I started reading John Lukacs' At the End of the Age on the bus trip down to NYC earlier in July--it has plenty for reflection, though I think some of his analysis wasn't deep enough. I'm still mulling over the question of modernity and how dominant the intellectual mindset that goes with it really was. (I'm still thinking that "modern" ethics and political philosophy has affinities with, if not actual roots, with what came before, and can be better explained by the fallenness of human nature rather than by genealogy. On the other hand, the existence of groups like the Illuminati and the Freemasons and their idealogies must be admitted.)
While in many ways it is the most important chapter, it is also the weakest, the chapter dealing with science, Chapter Three: "The Question of Scientific Knowledge." Lukacs (mis-)appropriates contemporary science, especially the indeterminism of quantum mechanics, to argue for free will and against "spiritual determinism." While his intention is laudable, it doesn't really work, precisely because the indeterminism of quantum mechanics is due primarily not to the things, but in our measurement. (Measurement is not the same as sense perception, and in measuring quantum phenomena we act upon what is being measured.)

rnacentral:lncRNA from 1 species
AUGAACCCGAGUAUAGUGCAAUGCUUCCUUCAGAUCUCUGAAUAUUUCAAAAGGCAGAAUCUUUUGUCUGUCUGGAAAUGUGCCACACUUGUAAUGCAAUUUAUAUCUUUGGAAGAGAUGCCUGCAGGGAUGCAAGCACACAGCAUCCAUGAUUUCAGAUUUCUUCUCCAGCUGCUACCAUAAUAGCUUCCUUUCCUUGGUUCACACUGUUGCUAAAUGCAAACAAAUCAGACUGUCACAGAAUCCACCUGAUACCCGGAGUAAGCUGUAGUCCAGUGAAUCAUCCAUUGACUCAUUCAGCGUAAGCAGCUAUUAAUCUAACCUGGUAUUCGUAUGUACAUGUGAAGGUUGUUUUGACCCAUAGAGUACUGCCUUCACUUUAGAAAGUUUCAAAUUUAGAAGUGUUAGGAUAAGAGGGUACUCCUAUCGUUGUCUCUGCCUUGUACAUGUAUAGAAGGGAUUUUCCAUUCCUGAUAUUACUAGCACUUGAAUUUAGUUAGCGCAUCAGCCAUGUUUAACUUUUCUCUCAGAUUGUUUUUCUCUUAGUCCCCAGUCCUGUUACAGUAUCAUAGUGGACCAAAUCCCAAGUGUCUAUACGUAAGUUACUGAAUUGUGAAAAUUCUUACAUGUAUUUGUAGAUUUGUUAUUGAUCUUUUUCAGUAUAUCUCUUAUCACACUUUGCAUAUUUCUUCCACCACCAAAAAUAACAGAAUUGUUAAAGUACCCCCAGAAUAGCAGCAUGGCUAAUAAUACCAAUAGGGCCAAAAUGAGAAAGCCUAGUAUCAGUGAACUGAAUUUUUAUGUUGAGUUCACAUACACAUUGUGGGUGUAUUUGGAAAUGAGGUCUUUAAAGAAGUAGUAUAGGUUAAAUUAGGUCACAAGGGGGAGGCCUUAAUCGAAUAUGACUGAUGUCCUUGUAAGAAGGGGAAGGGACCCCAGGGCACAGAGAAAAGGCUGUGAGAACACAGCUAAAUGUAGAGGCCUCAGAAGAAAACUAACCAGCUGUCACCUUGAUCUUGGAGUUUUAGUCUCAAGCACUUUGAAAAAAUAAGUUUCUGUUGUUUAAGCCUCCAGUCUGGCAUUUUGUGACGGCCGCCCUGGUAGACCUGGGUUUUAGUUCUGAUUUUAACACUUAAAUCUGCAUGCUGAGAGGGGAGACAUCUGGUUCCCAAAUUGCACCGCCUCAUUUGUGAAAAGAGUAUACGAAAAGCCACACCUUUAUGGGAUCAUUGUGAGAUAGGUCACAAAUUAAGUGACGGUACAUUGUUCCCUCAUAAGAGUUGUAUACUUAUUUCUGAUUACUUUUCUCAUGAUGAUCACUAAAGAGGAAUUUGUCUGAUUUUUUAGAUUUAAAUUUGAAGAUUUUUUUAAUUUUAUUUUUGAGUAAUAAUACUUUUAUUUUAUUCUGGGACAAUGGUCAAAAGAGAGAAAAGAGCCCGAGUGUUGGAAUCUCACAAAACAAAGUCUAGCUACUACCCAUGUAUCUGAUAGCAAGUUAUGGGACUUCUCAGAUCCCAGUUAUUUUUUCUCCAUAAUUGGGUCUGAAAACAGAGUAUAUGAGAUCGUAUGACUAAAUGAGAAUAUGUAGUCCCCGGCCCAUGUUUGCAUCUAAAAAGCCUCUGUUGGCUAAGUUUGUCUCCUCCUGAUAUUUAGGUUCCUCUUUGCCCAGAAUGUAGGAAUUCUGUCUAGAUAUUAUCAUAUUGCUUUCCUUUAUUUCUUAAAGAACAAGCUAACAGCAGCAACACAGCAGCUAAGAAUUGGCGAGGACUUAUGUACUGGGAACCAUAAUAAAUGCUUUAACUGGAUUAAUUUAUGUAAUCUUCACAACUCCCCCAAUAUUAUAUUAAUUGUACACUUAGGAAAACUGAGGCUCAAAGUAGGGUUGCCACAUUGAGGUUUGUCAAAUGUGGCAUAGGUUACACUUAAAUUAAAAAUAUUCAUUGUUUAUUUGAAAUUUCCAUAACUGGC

This Lukacs acknowledges. He writes: "The young German physicist Werner Heisenberg not only discovered but proved that in certain subatomic situations neither classical objectivity nor mechanical causality applied: that the act of the physicist's observation (more exactly: his attempts at measurement) interfered either with the movement or with the situation of his object--which mean, among other things, a big crack in the fundament of Descartes's and Newton's objectivism and determinism. In other words: the study of the 'reality' of matter was inseparable from the interference (and from the mind and the purpose) of the scientist." (96-7)